Thursday, July 28, 2005

Rules versus discretion

How to follow up on the highly publicized tax evasion cases in the Philippines? The traditional approach is to settle. Currently this administration is publicly pursuing criminal cases against tax evaders. However the option of settling is tempting, given the immediate cash flows this provides (stanching the urgent fiscal hemorrhage) compared to the prospects of protracted court trials.

This is the classic problem of "dynamic inconsistency", formalized by 2004 Nobel prize winners Finn Kydland and Edward Prescott. It may be the case that, after announcing a rule, there may be a short run benefit to reneging on it. Case in point: the dilemma of pursuing tax cases. Another example is patent protection, say for HIV medicines, for which society may benefit greatly if the intellectual property protection is rescinded. The problem with pursuing these short run benefits is that the entire framework of rule-setting is undermined. If it is widely known that patent protection is withdrawn whenever a great discovery is made, incentives to invest in making discoveries is dampened. In the case of tax collection, government sends a signal that it is wiling to settle tax evasion cases, then the incentive is to evade now (baka makalusot) and settle later; the possible savings in unpaid taxes is probably much larger than the surcharges and penalties anyway.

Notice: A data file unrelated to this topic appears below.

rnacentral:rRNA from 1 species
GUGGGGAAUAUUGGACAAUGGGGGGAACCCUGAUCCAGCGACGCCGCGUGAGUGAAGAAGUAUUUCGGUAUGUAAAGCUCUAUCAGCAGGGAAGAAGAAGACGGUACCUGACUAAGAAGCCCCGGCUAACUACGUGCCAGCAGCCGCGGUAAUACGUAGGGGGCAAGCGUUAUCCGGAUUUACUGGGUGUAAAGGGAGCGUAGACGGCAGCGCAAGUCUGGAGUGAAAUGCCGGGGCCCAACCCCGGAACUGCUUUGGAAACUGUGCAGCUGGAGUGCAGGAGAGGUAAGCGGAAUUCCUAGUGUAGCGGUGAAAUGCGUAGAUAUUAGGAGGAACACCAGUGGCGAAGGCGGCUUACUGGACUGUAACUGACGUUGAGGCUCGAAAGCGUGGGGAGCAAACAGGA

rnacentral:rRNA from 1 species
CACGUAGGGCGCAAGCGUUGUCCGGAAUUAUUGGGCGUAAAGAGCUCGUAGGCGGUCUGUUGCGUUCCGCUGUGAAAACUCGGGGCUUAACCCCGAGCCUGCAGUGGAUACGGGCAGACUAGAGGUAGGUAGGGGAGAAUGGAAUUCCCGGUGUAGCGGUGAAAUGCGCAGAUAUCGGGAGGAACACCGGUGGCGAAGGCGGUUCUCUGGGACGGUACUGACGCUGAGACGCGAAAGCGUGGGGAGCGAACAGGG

My recommendation? Well what is that program called? Run After Tax Evaders. Not after their money. And not just run - get the goods on them, and finish the job.

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